|Altitude||0 - 1200m|
Stretching along the Australian coast from Fraser Island in southern Queensland, through New South Wales to eastern Victoria, this EBA includes the narrow coastal lowlands and the mountains of the Great Dividing Range.
The region's habitats are characterized by patches of rain forest (including subtropical, temperate and dry forest types) but the natural vegetation consists mainly of eucalypt forest and woodland. The boundary of the EBA is defined by the restricted-range bird records themselves (from Blakers et al. 1984), and the western limits correspond approximately with the 1,000 m contour.Restricted-range species
Most restricted-range species occur in forest, both rain forest and eucalypt.
Distribution patterns within the region vary: five species, Turnix melanogaster, Menura alberti, Atrichornis rufescens, Tregellasia capito and Ptiloris paradiseus, occur in south-east Queensland and north-east New South Wales, one species, Origma solitaria, is endemic to central-eastern New South Wales (the sandstone areas both north and south of Sydney), and a further two species, Dasyornis brachypterus and Pycnoptilus floccosus, are confined to the south-east corner of the EBA in south-east New South Wales and eastern Victoria. The overlapping ranges of these birds have therefore defined the overall limits of the EBA. Two species, Ailuroedus crassirostris and Sericulus chrysocephalus, are found more widely within the area.
In addition to these restricted-range birds, there are a number of species which are largely confined to this EBA, but which are not included because their ranges are judged to exceed 50,000 km2: Wonga Pigeon Leucosarcia melanoleuca, Turquiose Parrot Neophema pulchella, Superb Lyrebird Menura novaehollandiae, Red-browed Treecreeper Climacteris erythrops and Bell Miner Manorina melanophrys.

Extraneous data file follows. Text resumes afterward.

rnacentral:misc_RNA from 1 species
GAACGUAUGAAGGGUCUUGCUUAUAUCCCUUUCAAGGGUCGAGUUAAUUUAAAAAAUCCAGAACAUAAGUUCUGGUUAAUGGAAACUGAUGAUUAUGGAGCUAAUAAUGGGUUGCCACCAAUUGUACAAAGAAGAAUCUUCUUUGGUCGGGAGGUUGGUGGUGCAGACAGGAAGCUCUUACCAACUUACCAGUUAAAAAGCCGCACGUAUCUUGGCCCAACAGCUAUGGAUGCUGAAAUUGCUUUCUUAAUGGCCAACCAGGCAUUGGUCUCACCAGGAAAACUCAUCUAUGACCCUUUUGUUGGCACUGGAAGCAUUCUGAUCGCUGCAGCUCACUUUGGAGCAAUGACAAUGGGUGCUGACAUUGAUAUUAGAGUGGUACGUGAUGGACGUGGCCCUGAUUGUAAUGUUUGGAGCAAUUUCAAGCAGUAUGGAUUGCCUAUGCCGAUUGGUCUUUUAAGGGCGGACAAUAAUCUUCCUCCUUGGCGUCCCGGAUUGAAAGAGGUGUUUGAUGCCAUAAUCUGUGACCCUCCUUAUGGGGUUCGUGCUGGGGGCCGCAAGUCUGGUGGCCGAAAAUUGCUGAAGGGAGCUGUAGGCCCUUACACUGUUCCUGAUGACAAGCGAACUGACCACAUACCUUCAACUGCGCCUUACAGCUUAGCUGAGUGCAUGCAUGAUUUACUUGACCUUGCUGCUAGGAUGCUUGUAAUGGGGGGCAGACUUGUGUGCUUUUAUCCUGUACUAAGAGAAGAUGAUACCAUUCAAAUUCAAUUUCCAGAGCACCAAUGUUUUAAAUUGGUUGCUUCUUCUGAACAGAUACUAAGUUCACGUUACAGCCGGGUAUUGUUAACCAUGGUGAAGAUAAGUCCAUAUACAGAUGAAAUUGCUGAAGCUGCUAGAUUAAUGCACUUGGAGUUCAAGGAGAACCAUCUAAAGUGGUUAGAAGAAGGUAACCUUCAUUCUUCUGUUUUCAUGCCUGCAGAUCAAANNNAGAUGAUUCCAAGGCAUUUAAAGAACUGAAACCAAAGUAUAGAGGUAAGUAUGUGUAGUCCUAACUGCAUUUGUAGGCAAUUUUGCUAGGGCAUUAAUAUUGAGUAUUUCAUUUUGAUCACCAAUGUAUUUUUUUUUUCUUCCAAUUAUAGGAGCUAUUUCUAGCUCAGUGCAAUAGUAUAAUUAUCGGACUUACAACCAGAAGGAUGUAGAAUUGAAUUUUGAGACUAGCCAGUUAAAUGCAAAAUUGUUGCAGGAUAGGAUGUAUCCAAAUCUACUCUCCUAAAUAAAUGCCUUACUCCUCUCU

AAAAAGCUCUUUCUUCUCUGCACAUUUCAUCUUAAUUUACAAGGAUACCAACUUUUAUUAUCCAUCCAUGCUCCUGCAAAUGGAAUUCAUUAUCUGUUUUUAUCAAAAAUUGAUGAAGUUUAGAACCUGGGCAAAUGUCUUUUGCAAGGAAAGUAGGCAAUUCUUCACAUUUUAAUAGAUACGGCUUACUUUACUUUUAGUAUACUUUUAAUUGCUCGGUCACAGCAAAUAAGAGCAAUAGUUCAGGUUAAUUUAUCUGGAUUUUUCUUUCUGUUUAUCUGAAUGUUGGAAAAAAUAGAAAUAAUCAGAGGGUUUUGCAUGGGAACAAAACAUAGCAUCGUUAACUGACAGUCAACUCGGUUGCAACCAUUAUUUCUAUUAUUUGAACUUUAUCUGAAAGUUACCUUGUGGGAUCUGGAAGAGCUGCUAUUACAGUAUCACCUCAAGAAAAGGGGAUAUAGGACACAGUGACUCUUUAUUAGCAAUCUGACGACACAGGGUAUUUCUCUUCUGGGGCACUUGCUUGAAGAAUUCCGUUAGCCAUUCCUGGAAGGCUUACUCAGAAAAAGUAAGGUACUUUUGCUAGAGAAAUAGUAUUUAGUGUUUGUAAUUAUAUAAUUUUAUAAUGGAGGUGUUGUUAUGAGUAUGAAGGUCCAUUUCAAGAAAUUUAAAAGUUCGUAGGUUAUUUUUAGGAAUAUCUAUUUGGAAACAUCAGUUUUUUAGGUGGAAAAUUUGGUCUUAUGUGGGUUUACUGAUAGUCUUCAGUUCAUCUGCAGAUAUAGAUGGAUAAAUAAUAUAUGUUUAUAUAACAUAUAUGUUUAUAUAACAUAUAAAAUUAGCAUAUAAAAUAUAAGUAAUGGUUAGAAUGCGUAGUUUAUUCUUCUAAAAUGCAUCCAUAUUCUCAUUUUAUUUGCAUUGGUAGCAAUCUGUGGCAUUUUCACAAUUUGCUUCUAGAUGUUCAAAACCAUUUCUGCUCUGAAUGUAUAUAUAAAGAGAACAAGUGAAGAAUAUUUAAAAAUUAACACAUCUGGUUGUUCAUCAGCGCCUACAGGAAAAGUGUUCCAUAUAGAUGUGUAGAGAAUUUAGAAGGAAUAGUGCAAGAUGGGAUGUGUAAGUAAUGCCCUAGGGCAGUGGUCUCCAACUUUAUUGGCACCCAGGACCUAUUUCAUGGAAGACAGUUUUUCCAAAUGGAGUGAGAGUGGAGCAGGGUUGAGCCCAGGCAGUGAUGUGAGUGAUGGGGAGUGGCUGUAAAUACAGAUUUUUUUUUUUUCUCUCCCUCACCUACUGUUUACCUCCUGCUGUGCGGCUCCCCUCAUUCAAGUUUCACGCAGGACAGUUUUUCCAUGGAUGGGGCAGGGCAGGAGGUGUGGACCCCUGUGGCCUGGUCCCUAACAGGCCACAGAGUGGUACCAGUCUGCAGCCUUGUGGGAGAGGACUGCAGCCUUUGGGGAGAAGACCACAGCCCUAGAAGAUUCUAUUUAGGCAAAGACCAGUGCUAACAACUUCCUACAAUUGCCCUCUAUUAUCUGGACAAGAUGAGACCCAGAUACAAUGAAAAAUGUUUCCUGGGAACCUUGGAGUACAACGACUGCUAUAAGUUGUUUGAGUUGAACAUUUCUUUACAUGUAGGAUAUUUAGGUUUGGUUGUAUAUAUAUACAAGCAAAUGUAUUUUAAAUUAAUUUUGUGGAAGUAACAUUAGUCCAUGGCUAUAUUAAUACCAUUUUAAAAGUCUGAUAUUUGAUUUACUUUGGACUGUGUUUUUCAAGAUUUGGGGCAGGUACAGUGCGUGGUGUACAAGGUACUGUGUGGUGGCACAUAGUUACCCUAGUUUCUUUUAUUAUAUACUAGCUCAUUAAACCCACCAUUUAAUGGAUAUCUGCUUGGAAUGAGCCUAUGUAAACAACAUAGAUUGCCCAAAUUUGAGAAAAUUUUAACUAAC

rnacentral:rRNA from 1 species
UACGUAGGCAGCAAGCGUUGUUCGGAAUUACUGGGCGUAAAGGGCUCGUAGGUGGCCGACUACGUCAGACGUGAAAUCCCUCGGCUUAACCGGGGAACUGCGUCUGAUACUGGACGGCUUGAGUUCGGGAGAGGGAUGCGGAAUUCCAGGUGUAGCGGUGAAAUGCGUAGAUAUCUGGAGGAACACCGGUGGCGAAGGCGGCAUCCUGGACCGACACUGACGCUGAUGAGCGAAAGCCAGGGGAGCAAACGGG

Swift Parrot Lathamus discolor, a restricted-range species which breeds in Tasmania (EBA 185), winters in this EBA.
|Black-breasted Buttonquail (Turnix melanogaster)||NT|
|Albert's Lyrebird (Menura alberti)||NT|
|Rufous Scrub-bird (Atrichornis rufescens)||EN|
|Green Catbird (Ailuroedus crassirostris)||LC|
|Regent Bowerbird (Sericulus chrysocephalus)||LC|
|Eastern Bristlebird (Dasyornis brachypterus)||EN|
|Pilotbird (Pycnoptilus floccosus)||LC|
|Rockwarbler (Origma solitaria)||LC|
|Paradise Riflebird (Lophorina paradisea)||LC|
|Pale-yellow Robin (Tregellasia capito)||LC|
|IBA Code||Site Name||Country|
|Barrington Tops and Gloucester Tops||Australia|
|Budderoo and Barren Grounds||Australia|
|Bunya Mountains and Yarraman||Australia|
|Cooloola and Fraser Coast||Australia|
|Greater Blue Mountains||Australia|
|Nadgee to Mallacoota Inlet||Australia|
Much of Eastern Australia's lowland habitat has been cleared for agriculture and consequently three species are classified as threatened. Turnix melanogaster has declined drastically in coastal and near coastal areas during the twentieth century and since c.1980 has been recorded from fewer than 50 sites (with less than 10 birds at each), and must also be vulnerable to introduced predators. Atrichornis rufescens now occurs in isolated populations in the highlands only, and continues to be threatened by inappropriate burning and forest management practices. Dasyornis brachypterus occurs in isolated and scattered populations in coastal regions, where it has suffered from changes in the fire regime (either too frequent with the elimination of tussocks, or too infrequent leading to dense shrubberies unsuitable for nesting) as well as from grazing, introduced exotic plants and animals, land clearance, and some recreational activities (Garnett 1993).
Subspecies of note include the southern form of Coxen's Fig-parrot Cyclopsitta diophthalma coxeni and Marbled Frogmouth Podargus ocellatus plumiferus, which inhabit subtropical rain forest in south-east Queensland and north-east New South Wales. Both are treated as threatened by Garnett (1993) because of their small and fragmented populations.
The EBA incorporates many protected areas, including seven separate rain forest sites together constituting the East Coast Temperate and Subtropical Rainforest Parks World Heritage Site (2,035 km2).
BirdLife International (2019) Endemic Bird Areas factsheet: Eastern Australia. Downloaded from http://www.birdlife.org on 23/03/2019.